Best New Restaurant of 2018
589 Lighthouse Ave., Pacific Grove (831) 204-9990, poppyhallpg.com
We thought we understood the culinary soul of California. But that was before chefs Philip Wojtowicz and Brendan Esons opened Poppy Hall. They treat laid-back ingredients – chicken, duck, rock cod, quail and the like – with Michelin star elegance. Even desserts (which may be as simple as chocolate pudding) are otherworldly. And all of this is served in a lively dining room, with a poppy mural on the wall. So it’s a party out front but all business in the back. The menu varies, they serve brunch on Sundays and host a popular donut pop-up. It is informal and eclectic, creative and comfortable, but the flavors are intense.
Best Outdoor Dining
Rocky Point Restaurant
36700 Highway 1, Big Sur (831) 624-2933, rockypointrestaurant.com
For hungry travelers driving down Highway 1, Rocky Point is the first sign of a place to stop for food – kinda like Mel’s Diner, only much, much better. Here you’re paying for the view, but it’s a tough one to beat. Though all indoor seats boast a good look at the ocean, if you’re here you better be eating outdoors. Between the sea, the sky and the mountains beyond, one can enjoy lunch, an early dinner or a sunset cocktail while truly immersed in breathtaking nature.
Best Place for a Business Lunch
2999 Highway 68, Monterey (831) 647-1444, tarpys.com
The setting is rustic chic without trying. The service is attentive and efficient, key for the lunch crowd. The food comes out fast, but not rushed, executed with precision. The location is strategic. The wine and cocktail lists are top flight. And – oh yes – the menu is stacked with clever comfort foods like buttermilk fried chicken, smoked brisket, blackened sea bass, Sriracha-glazed ribs, popcorn prawns and American Kobe burger with brie, bacon and lobster. Even Gordon Gekko would be impressed. Tarpy’s is an institution in the community and a perennial winner in this category.
Best Restaurant for Romantic Dining
California Market at Pacific’s Edge
120 Highlands Drive, Carmel (831) 622-5450, hyatt.com
The Central Coast offers no shortage of oceanfront establishments from which to enjoy an intimate meal and a drink, but reigning supreme is California Market at Pacific’s Edge. Perched on the cliffs above Highway 1, diners can enjoy a panoramic view of Point Lobos and the Big Sur coastline as they enjoy hand-crafted cocktails and Executive Chef Christopher Vacca’s entrees, like the Monterey Bay abalone, halibut and risotto surf and turf or plant-based tasting menu. All pair with an extensive wine list – and, if timed right – a sunset over the ocean.
Best Restaurant for a Special Occasion Best Restaurant | Cannery Row Best Wine List
701 Wave St., Monterey (831) 373-3775, sardinefactory.com
Some may say Sardine Factory’s success started when Clint Eastwood filmed parts of Play Misty for Me in the restaurant. Others may point to the famous abalone bisque served at Ronald Reagan’s inauguration. They’re wrong. Sardine Factory remains a destination thanks to the Mr. Belvedere-level service and the way founders Ted Balestreri and Bert Cutino dote upon guests. There’s the wine list that includes important vintages in a cool, dusty cellar. And the kitchen shows deep knowledge of the classics, as well as a deft touch as trends change. In other words, Sardine Factory was totally awesome then and is totally awesome now.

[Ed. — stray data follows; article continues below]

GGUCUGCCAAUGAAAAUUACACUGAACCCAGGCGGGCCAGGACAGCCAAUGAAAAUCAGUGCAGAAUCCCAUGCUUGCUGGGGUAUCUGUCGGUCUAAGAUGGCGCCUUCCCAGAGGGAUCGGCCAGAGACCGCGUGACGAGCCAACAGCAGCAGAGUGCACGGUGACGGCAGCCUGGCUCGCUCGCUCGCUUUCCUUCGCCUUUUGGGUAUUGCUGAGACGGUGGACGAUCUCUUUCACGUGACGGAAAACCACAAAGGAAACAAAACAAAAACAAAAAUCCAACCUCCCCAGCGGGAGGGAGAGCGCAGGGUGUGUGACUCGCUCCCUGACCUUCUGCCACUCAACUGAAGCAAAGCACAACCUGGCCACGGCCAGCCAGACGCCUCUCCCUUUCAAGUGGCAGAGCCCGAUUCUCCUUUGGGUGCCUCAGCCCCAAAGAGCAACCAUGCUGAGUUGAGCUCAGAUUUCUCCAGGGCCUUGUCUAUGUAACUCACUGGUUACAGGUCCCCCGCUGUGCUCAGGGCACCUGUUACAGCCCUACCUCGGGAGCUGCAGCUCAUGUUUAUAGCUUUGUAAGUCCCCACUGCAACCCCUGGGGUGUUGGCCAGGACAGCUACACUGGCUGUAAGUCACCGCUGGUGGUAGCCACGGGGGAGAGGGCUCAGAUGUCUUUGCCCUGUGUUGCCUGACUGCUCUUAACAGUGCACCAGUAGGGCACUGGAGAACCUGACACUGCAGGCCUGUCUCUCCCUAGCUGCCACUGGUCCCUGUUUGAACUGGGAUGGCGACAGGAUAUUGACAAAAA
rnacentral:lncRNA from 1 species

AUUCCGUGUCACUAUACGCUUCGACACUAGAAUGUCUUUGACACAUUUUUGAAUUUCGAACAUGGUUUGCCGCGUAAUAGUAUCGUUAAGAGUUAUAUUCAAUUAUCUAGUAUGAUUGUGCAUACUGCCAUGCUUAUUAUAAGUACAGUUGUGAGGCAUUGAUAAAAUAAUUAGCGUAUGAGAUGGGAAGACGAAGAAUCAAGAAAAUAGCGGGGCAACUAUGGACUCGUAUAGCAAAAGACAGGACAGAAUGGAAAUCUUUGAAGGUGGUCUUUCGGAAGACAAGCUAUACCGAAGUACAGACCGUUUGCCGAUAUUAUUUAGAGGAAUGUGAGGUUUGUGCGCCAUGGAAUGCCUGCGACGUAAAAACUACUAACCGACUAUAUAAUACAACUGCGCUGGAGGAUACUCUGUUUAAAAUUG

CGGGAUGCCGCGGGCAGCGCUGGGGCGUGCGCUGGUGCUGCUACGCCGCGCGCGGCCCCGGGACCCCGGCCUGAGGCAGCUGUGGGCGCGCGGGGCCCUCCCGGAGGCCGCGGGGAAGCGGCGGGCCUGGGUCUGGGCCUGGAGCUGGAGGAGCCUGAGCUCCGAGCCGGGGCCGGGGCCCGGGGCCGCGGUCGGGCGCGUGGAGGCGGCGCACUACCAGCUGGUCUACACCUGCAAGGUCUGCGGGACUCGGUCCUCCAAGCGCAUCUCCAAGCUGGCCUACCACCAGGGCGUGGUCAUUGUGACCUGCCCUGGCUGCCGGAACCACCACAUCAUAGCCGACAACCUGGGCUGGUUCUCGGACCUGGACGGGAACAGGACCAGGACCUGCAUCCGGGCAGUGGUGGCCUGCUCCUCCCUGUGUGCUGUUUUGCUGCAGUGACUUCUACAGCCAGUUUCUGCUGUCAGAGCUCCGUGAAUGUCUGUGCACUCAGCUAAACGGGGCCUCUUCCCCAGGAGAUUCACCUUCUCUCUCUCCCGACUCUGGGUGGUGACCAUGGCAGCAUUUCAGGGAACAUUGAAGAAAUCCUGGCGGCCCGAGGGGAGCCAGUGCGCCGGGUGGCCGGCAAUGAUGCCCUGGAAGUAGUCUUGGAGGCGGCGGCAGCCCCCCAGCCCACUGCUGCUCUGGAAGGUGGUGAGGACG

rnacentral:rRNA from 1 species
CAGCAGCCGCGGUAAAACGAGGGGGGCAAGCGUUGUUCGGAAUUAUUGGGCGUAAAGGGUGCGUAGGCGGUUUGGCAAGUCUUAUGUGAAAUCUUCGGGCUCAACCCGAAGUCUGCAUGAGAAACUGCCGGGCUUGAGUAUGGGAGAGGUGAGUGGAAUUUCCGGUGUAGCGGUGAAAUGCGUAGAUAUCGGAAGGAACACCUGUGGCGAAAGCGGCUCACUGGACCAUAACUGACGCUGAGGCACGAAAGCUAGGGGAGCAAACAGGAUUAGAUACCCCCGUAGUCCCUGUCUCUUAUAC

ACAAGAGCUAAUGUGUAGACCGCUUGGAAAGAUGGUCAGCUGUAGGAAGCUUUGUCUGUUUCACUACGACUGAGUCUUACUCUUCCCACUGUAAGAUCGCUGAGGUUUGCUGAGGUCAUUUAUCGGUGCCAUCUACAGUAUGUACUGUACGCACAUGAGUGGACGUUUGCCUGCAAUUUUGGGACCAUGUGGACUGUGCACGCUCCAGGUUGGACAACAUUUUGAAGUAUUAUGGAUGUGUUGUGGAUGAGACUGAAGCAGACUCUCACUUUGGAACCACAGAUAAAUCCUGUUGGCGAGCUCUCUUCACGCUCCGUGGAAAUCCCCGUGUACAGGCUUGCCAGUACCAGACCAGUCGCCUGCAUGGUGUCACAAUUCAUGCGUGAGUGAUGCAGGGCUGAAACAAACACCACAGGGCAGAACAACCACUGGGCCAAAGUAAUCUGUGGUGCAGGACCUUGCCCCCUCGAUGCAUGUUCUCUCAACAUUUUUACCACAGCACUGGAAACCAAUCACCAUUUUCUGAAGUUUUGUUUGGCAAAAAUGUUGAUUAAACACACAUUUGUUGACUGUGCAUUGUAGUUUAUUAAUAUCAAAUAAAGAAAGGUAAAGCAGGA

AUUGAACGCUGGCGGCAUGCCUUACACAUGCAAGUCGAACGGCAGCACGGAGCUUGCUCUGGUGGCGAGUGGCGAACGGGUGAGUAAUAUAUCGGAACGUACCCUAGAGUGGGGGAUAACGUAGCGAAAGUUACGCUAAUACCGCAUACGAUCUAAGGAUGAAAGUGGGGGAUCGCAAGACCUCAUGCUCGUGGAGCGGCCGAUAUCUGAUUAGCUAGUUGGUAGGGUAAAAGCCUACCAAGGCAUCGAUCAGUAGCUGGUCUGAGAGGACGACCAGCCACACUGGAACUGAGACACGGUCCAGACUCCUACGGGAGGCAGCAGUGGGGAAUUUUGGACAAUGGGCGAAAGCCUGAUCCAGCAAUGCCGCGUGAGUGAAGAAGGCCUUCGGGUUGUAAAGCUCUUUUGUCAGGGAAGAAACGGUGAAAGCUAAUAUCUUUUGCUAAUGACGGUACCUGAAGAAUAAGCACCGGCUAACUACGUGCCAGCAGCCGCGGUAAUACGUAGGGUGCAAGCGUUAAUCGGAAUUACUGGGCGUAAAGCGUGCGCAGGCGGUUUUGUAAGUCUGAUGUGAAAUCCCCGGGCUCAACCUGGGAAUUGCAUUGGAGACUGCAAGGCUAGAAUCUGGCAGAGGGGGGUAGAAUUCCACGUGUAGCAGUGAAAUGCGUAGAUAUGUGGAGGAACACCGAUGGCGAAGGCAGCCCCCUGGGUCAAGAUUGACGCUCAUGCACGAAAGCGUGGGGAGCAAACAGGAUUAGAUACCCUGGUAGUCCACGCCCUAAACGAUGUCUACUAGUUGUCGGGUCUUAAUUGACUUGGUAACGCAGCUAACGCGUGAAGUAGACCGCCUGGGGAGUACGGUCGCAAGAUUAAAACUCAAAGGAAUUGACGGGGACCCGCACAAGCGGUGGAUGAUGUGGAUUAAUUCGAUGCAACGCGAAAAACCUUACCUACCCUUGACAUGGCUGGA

Best Restaurant More Than 10 Years Old Best Restaurant – Pacific Grove (tie)
701 Lighthouse Ave., Pacific Grove (831) 655-3311, passionfish.net
The kitchen at this longtime destination restaurant serves cushion-soft scallops, flaky rainbow trout, seafood that still hints of saltwater – and they do so with a commitment to sustainability that is as admirable as the cooking. But just when you think Passionfish is only about fish, they offer a rustic 12-hour lamb that dissolves with a touch of the fork, or black bean and goat cheese fritters so earthy and rich you may want another round of appetizers. The place is comfortable, with no sense of hurry. That it seems to always win the readers’ hearts – like, no duh.
Best Restaurant – Monterey County
Lucia Restaurant & Bar at Bernardus Lodge & Spa
415 W. Carmel Valley Road, Carmel Valley (831) 658-3400, bernarduslodge.com
Think about it this way. Harrison Ford was tops on the big screen in the 1980s. Bernardus Lodge is the culinary counterpart – and for more than just one decade. Since opening, Executive Chef Cal Stamenov has helmed the property’s restaurant – previously plural restaurants Marinus and Wickets that have since been remodeled into the singular Lucia. Stamenov marries old and new traditions: classic European gastronomy with a California flair. Enjoy a five-course tasting menu or choose a la carte selections, and save room for dessert from pastry chef Kelsey Larson.
Best Appetizers/Small Plates
700 Munras Ave., Casa Munras Garden Hotel, Monterey (831) 375-0176, hotelcasamunras.com
You’ve got a full house, so you decide to take your bosom buddies out to dinner. Ah, but one likes fish, another wants meat a third prefers salad – the bickering is bound to happen, that is unless you head to Estéban. Sure, there are entrees and big paellas of, well, paella. But the warm Spanish restaurant also features round after round of tapas and shared plates. They even have replaced happy hour with tapas hour. And, yes, you can be selfish and order a rib-eye, salmon or a hearty chickpea stew. But if greed is good, why not share the wealth?